So what does National Geographic actually have to say on the topic? First off, yes there is a leak of contaminated water, and it is very very small. This leak has been known about since 2012 and has never been viewed as a threat to human health anywhere. According to National Geographic, most experts blame “ordinary movement of groundwater” for the continued leak. The radiation is spreading, but it will still take years to reach the West Coast and there is presently no public health risk from Fukushima for Californians (it is a different story for people in Fukushima prefecture). Finally, for those people worried about eating fish, many experts say that is an unnecessary precaution and you’re probably fine to eat fish. I’m the kind of person who advocates for people following their instincts, and if your body is saying no to seafood then you should listen to it. But, if you are not eating fish because you are worried about radiation then you are overreacting and I imagine the type of person who (like me) opts out of airport radiation machines. Even though I opt out I’m still eating fish. The reality of global fishing is that it already is a pretty dirty ocean out there and fish, like tuna, who can live as long as a person (fifty years), tend to accumulate massive amounts of radionuclides and toxins like mercury along the way. That means when you eat tuna you are now eating all that too (I still eat tuna), though last I heard most “tuna” Americans eat really isn’t tuna.

I am a bit concerned by reports that TEPCO and their subcontractors who managed the plant and the clean up may have covered up the extent of radiation exposure to workers. Any corporate or coverup concerns me, especially regarding the environment and human health. For what little RT news is worth, as Russia’s official news is horribly biased, RT news is reporting that radiation levels at the plant are at 8 times the Japanese governments accepted limits. Reading the various RT news stories very few seem to be substantiated by science, and even fewer provide outside links to studies they claim exist. I’m getting some serious red flags here about the truthiness of these articles.

If I see hope in something it is the ingenuity of the Japanese in embracing green technologies to clean up the nuclear spill. The Institute of Electrical and Electronics Engineers reports that Fukushima prefecture is creating a “Renewable Energy Village,” a garden of rapeseed underneath solar panels. Rapeseed has been shown to absorb radionuclides into their stalks leaving  the seeds untouched and usable for other purposes.

What Californians should really be concerned about is the Diablo Canyon nuclear power plant which is being held up to lax safety standards and is BUILT ON A FAULT LINE. Or perhaps we should worry about the San Onofre Nuclear Plant that had 2/3 of its reactors permanently decommisioned  after a dangerous radiation leak was discovered. Or maybe we should be worried by the historically low rain levels we have had this year leading to California’s major reservoirs being obscenely low on water for mid-winter, expect water rationing come summer. Personally, I am more concerned with the real problems we know are in front of us that are sure to be issues, rather than rip my hair out stressing over fake news reports.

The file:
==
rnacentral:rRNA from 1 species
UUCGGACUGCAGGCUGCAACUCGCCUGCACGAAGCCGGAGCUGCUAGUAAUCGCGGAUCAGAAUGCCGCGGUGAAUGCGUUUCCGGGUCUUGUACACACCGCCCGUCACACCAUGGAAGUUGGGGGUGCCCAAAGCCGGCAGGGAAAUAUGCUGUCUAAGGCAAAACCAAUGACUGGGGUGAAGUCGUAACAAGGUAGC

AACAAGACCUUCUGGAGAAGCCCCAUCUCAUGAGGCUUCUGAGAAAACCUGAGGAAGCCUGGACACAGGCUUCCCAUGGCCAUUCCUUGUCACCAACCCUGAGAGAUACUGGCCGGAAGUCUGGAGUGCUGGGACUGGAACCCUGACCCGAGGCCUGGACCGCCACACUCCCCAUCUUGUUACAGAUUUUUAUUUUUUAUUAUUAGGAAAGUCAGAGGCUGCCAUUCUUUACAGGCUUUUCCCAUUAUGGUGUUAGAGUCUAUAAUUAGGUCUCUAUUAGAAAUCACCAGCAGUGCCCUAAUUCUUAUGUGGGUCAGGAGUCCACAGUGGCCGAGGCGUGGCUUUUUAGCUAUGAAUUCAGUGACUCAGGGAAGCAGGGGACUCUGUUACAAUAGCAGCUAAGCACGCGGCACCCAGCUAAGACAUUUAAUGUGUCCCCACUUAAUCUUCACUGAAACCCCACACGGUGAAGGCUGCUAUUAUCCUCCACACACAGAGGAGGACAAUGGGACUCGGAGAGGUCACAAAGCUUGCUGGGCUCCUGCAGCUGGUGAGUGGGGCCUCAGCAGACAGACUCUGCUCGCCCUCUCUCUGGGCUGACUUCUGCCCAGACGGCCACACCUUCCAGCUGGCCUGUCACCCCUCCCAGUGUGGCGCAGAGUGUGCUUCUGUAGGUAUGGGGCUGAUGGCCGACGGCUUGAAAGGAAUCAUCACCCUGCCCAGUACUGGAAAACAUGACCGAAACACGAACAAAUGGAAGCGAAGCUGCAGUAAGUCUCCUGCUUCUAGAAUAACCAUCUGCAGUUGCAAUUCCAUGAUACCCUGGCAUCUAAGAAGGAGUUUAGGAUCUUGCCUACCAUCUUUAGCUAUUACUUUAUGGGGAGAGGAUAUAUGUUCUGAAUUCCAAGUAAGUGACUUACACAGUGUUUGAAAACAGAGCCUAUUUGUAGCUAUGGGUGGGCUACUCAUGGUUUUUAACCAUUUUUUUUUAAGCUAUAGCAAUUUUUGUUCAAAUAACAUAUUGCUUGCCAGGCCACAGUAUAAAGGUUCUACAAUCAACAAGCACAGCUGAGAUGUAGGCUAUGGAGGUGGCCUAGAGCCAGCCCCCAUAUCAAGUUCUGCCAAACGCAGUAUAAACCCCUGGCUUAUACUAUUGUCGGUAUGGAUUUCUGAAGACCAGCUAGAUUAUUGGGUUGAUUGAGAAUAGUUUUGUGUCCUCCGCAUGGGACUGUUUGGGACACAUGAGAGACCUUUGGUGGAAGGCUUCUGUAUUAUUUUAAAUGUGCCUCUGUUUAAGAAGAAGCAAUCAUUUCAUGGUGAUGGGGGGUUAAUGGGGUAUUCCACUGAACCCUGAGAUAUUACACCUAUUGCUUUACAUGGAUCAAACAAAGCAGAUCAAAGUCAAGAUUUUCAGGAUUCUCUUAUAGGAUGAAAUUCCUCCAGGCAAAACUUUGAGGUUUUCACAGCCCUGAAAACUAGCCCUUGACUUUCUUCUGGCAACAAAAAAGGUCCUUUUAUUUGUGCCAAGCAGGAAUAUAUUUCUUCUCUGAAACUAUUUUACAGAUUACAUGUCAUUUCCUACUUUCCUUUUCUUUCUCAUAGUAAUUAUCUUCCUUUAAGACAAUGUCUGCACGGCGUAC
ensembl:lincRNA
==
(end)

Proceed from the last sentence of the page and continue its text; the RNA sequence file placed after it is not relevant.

You may now be wondering, if 98% of the ocean floor is covered in ocean, what about that last two percent? Two words, mermaid  colonies. They breed like rabbits, the rabbits of the sea.

This year’s theme for Burning Man has been announced, and it is Caravansary. If you are like me then your first thought was probably, “what the hell is a caravansary?” Quickly followed by the realization that it is a very tricky to pronounce word. A caravansary is a type of walled inn with a large central courtyard that was built along the Silk Road to protect caravans at night from marauders. You can think of a caravansary as a man-made oasis; they offered the same level of protection in their stone walls that an oasis saw from the harsh climate of the desert itself. Caravansaries and the Silk Road were crucial to the flow of information as they served as meeting places for all sorts of people from every corner of the globe, the crossroads.

Now, if you are like me, you probably then realized that this theme doesn’t really add much to the event like previous themes have. Burning Man has had themes for art since 1998, but the art-theme area of the website gives no hint as to the purpose of these themes nor their goal. Perhaps I am off base in assuming the themes are meant to modulate the event to make it somewhat different every year. Sure, Burning Man is always totally different, yet always the same, but the theme offers participants a filter or locus through which to view the event, it points us in a direction and says “go.”